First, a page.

Consult a 5-Star Child Custody Relocation Lawyer In Tampa
If you are defending a relocation or need to relocate, contact us today to speak with a Tampa family lawyer. At Florida Law Advisers, P.A., we take these matters very seriously and will stand firm for what is fair. We have years of experience in both advocating for and against relocation.
Regardless if both parents mutually agree or are engaged in a fierce battle for their custody rights, we can help. Our team of experienced child custody lawyers is committed to providing top-notch legal representation at a reasonable cost. If you need legal counsel, call us today. We are available to answer your call 24/7.
Frequently Asked Questions
You are not required to hire a child custody attorney, but it is highly recommended to do so. An experienced attorney should be able to help identify the key issues the judge will be focusing on. A lawyer can also assist with filing the documents on your behalf and navigating the case through court.
Under Florida child custody law, you may be entitled to an expedited court hearing within 30 days. Contact a custody lawyer or the court if you need help scheduling a court hearing.
These plans are usually required when parents live more than 50 miles apart. Usually, the primary parent will have custody during the school year. The other parent will have custody during the summer and holidays.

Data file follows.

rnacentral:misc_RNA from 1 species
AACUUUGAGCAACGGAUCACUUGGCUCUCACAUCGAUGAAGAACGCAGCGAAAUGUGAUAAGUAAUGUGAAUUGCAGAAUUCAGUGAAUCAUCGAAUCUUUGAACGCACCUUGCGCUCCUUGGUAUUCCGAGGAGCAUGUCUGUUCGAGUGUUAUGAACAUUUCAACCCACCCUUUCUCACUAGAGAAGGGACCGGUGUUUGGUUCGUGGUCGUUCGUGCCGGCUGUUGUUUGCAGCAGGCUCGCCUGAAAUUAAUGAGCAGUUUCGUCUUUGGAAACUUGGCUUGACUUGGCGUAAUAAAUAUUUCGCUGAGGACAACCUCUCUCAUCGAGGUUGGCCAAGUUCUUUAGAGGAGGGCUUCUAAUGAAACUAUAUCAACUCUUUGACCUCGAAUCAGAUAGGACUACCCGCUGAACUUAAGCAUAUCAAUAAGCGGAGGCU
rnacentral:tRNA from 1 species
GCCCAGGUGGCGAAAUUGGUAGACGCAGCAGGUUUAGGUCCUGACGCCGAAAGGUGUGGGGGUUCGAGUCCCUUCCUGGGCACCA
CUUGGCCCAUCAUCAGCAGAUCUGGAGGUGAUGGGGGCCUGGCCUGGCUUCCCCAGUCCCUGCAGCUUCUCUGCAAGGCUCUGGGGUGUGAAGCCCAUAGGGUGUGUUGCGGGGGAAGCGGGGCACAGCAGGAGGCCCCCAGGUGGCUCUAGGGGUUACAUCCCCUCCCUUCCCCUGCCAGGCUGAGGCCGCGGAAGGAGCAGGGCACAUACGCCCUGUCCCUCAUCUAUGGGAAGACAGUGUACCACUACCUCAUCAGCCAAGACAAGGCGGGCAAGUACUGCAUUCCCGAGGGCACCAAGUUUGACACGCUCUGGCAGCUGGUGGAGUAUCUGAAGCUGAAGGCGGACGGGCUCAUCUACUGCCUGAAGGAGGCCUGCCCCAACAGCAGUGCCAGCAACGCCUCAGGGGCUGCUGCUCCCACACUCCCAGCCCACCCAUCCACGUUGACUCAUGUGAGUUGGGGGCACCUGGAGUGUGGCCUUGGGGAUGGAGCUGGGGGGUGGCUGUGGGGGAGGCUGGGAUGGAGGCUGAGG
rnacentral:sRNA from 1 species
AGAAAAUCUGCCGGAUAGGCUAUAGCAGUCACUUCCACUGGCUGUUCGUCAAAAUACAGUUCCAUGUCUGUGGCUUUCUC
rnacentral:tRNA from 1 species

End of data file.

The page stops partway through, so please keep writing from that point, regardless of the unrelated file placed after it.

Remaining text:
Normally, the relocation petition is filed in the same case as the original parenting plan. If you have already moved away, you may need to petition to transfer the case.
Generally, if there has been a prior custody case filed in court, you will need either the other parent’s permission or court approval before moving more than 50 miles away. The requirement is based on Florida Statute 61.13001.
The relocation must be in the best interest of the child. Therefore, a relocation case should focus on the improvements the relocation will have on the child’s life. Normally, the relocation request should also provide for time-sharing with the other parent.
Yes, under Florida Statute 61.13001, approval from the other parent or the court may be required before relocating with a child. If a parent objects to the relocation, the judge will decide the case based on the best interests of the child.
Florida Statute 61.13001 requires approval from the other parent or the court before relocating with a child. However, the Statute does not apply to all custody situations. You should contact a family law attorney for advice about the requirements for your specific case.